Governance on First Nations in Canada is complicated.
For more than 140 years, the Indian Act has determined how First Nation communities are governed. But that colonial-era legislation replaced or suppressed governing structures that go back centuries.
Professor John Borrows, the Canada Research Chair in Indigenous Law at the University of Victoria, says those traditional structures had better systems of accountability.
“We have the opportunity through our clan structures to be able to provide checks and balances,” he says.
APTN Investigates: For Trust or Profit – Watch Part 2 here.
In mainstream Canada, institutions like appeals boards, tribunals, ombudspersons and auditors fill that role.
But for many First Nations there is only the Indian Act.
“The Indian Act extends accountability in the wrong direction,” says Borrows. “It sends it to the Indian agent and to Ottawa rather than sending it back to our people and back to our societies and back to the practices of our people.”
But what happens when leadership ignores both Indian Act and traditional accountability?
Lisa Crookedneck says her home community is suffering.
“It breaks my heart to think about back home,” she says.
She is from Ministikwan Lake Cree Nation, about 350 kilometres northwest of Saskatoon.
Members from that community held a protest in September 2020 in front of their closed down band office.
When APTN Investigates visited the community in March, there was no visible civil service or government.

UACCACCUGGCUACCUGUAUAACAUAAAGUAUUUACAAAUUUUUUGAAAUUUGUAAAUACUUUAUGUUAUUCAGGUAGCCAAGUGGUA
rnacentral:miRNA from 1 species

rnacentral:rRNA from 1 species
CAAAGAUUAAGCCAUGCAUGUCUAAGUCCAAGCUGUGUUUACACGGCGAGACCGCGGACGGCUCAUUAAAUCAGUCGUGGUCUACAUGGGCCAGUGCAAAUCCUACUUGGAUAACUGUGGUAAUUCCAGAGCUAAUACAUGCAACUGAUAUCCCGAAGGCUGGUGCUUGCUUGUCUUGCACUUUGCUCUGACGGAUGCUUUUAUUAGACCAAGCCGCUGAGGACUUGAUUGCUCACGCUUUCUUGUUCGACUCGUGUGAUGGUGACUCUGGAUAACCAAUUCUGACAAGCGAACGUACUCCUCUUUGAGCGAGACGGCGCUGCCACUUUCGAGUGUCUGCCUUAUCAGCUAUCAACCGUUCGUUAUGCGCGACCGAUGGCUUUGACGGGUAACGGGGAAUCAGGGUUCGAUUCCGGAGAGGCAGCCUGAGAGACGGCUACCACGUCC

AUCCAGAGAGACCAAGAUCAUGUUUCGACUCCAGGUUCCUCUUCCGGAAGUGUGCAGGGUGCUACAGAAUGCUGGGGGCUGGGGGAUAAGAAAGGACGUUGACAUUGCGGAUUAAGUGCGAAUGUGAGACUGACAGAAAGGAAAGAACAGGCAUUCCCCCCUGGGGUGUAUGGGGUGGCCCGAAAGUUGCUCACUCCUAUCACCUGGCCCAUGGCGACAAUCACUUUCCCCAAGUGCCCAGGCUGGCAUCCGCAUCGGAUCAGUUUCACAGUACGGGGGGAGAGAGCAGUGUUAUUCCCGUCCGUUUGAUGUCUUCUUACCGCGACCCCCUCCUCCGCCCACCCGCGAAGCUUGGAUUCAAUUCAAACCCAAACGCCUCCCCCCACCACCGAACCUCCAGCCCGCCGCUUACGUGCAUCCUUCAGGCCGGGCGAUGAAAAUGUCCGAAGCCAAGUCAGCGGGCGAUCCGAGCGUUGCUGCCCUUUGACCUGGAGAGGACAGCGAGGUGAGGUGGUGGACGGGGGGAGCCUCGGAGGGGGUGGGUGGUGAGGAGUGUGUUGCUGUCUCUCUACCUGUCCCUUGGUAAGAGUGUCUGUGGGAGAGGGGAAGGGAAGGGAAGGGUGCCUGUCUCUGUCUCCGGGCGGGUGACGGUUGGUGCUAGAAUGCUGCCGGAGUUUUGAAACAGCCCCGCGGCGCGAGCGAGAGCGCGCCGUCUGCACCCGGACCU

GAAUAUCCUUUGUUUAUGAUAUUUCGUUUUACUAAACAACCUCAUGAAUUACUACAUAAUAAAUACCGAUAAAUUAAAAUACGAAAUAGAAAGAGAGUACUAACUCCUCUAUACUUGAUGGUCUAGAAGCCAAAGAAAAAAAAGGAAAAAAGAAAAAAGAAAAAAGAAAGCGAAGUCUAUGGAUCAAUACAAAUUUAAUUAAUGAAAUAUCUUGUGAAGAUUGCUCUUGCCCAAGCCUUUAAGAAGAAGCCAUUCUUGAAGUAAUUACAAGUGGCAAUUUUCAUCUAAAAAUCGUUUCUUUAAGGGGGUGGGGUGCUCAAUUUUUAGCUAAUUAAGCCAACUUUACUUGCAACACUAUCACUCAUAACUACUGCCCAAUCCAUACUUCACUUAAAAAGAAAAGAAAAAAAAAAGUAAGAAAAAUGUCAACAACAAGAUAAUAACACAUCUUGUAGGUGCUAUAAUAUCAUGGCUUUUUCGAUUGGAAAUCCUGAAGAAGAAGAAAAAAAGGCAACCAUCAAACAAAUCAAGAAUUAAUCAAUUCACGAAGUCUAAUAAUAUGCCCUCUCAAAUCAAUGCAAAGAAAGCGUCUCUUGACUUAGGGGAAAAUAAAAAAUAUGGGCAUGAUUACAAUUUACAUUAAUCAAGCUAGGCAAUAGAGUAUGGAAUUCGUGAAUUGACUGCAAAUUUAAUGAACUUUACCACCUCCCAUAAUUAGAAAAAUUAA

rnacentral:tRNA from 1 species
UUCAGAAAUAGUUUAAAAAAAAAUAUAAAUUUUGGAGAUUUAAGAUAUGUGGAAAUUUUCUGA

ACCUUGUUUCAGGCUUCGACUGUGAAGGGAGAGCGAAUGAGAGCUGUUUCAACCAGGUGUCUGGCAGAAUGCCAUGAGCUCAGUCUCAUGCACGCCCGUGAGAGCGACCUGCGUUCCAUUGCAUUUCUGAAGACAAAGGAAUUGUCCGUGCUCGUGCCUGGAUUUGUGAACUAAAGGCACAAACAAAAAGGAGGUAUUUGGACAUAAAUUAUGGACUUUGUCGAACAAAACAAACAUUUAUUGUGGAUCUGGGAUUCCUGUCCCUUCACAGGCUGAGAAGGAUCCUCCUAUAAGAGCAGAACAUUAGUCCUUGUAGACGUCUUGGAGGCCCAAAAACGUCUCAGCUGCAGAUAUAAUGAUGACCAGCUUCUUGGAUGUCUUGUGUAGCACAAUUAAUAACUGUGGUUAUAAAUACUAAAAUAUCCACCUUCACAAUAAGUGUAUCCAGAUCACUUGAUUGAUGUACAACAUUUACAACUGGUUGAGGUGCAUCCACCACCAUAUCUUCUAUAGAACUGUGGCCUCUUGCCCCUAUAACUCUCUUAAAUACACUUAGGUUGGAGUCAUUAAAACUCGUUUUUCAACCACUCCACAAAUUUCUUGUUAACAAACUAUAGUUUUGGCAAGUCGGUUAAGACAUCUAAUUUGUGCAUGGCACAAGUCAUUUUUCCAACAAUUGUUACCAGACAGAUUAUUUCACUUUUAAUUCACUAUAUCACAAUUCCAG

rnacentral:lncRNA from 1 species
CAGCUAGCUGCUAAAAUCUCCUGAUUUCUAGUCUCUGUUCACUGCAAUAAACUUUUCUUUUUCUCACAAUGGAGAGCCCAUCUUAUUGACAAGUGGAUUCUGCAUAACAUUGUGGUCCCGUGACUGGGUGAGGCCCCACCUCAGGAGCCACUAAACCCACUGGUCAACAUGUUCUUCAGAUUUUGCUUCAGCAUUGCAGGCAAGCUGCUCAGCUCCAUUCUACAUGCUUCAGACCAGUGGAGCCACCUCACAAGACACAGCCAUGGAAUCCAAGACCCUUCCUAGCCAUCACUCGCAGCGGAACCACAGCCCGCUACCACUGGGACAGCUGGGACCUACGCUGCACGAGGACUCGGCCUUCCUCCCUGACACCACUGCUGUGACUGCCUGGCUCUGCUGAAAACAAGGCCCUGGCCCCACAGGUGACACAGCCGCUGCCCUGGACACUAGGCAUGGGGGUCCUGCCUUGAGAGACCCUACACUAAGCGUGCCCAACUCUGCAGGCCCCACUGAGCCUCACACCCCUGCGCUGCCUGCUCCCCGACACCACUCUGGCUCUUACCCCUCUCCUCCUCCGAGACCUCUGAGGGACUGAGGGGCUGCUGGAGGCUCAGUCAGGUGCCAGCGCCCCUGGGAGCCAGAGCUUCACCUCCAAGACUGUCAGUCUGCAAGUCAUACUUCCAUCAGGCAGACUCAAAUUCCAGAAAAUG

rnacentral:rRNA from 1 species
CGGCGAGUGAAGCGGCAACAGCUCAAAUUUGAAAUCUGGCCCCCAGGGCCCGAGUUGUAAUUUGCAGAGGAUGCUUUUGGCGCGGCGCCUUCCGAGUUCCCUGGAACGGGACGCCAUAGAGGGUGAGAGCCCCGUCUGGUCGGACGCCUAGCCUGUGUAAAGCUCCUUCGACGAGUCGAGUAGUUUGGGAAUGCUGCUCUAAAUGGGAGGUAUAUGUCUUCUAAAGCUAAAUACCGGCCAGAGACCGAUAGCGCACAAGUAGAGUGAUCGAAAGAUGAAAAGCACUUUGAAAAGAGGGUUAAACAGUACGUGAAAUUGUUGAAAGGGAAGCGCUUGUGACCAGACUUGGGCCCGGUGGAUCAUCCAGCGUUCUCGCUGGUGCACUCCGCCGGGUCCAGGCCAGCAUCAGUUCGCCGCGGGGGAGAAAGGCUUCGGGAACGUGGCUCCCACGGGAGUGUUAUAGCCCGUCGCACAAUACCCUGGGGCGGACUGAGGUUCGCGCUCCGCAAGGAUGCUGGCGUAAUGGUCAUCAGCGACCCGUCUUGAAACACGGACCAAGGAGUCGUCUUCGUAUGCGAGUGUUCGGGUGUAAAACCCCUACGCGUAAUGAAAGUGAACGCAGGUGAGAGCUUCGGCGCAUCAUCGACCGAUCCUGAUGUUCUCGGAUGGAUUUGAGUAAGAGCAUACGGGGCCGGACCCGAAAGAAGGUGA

“What you see here this is what we see everyday,” Ministikwan Elder Matilda Lewis told us.
Lewis is the director of the Cree Immersion school located in Minsitikwan.
She took APTN on a tour of the community.
We observed boarded up windows, seemingly abandoned homes, rough roads, an empty English language school and an empty band hall.
Wilfred Stick lives in Ministikwan. His home for the winter of 2020/21 was a camper trailer after a fire left his house gutted.
Stick doesn’t think his house will ever get repaired.
APTN tried to reach the chief of the community but did not get a response.
We spoke to one councillor, Leon Crookedneck, by phone. He confirmed there had a protest and that there hasn’t been a community meeting in months.
Rachel Snow, is a member of the Wesley band in the Stoney Nation outside Calgary.
She combines her traditional teachings with a law degree and says the Indian Act chief and council system was forced on to First Nations.